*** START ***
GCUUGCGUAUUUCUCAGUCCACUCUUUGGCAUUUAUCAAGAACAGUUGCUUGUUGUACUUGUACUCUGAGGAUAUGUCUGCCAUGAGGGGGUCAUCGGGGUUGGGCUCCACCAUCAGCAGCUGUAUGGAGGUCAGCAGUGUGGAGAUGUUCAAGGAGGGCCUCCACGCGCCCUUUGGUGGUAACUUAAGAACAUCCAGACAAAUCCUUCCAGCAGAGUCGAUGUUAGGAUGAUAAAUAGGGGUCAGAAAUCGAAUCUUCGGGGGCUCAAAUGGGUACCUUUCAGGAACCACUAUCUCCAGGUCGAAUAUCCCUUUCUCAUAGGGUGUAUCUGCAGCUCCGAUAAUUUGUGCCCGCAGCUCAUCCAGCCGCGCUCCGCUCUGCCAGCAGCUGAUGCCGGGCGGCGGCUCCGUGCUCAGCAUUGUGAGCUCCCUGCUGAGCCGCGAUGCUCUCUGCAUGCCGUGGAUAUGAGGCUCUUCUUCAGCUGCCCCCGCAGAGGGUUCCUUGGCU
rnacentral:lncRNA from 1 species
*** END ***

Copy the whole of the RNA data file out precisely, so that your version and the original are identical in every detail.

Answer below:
GCUUGCGUAUUUCUCAGUCCACUCUUUGGCAUUUAUCAAGAACAGUUGCUUGUUGUACUUGUACUCUGAGGAUAUGUCUGCCAUGAGGGGGUCAUCGGGGUUGGGCUCCACCAUCAGCAGCUGUAUGGAGGUCAGCAGUGUGGAGAUGUUCAAGGAGGGCCUCCACGCGCCCUUUGGUGGUAACUUAAGAACAUCCAGACAAAUCCUUCCAGCAGAGUCGAUGUUAGGAUGAUAAAUAGGGGUCAGAAAUCGAAUCUUCGGGGGCUCAAAUGGGUACCUUUCAGGAACCACUAUCUCCAGGUCGAAUAUCCCUUUCUCAUAGGGUGUAUCUGCAGCUCCGAUAAUUUGUGCCCGCAGCUCAUCCAGCCGCGCUCCGCUCUGCCAGCAGCUGAUGCCGGGCGGCGGCUCCGUGCUCAGCAUUGUGAGCUCCCUGCUGAGCCGCGAUGCUCUCUGCAUGCCGUGGAUAUGAGGCUCUUCUUCAGCUGCCCCCGCAGAGGGUUCCUUGGCU
rnacentral:lncRNA from 1 species